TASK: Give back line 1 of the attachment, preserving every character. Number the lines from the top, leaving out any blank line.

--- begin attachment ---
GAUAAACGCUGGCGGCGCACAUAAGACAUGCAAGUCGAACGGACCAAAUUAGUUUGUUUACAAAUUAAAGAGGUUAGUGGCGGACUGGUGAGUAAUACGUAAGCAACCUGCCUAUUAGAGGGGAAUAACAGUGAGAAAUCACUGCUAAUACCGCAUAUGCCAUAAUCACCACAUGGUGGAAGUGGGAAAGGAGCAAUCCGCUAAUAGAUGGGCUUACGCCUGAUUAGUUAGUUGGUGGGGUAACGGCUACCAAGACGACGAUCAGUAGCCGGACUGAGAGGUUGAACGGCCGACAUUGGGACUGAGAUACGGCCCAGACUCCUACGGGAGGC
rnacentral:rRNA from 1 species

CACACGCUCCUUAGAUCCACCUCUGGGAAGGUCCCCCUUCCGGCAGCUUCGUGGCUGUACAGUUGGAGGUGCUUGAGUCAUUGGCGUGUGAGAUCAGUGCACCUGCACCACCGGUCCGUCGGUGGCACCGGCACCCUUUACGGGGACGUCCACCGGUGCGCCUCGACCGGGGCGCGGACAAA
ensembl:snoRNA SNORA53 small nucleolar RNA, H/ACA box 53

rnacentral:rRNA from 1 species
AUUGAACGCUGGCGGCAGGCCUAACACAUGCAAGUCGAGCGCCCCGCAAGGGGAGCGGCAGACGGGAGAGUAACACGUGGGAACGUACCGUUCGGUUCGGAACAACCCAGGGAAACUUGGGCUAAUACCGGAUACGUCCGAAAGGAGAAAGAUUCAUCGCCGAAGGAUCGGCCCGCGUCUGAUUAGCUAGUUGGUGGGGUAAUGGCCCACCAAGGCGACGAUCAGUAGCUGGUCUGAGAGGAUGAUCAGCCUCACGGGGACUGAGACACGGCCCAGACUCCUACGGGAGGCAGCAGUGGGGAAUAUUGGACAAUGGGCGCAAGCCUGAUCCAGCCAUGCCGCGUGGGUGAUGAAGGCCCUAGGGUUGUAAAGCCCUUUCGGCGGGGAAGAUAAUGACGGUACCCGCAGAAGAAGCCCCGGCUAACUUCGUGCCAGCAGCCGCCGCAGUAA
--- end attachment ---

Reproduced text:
GAUAAACGCUGGCGGCGCACAUAAGACAUGCAAGUCGAACGGACCAAAUUAGUUUGUUUACAAAUUAAAGAGGUUAGUGGCGGACUGGUGAGUAAUACGUAAGCAACCUGCCUAUUAGAGGGGAAUAACAGUGAGAAAUCACUGCUAAUACCGCAUAUGCCAUAAUCACCACAUGGUGGAAGUGGGAAAGGAGCAAUCCGCUAAUAGAUGGGCUUACGCCUGAUUAGUUAGUUGGUGGGGUAACGGCUACCAAGACGACGAUCAGUAGCCGGACUGAGAGGUUGAACGGCCGACAUUGGGACUGAGAUACGGCCCAGACUCCUACGGGAGGC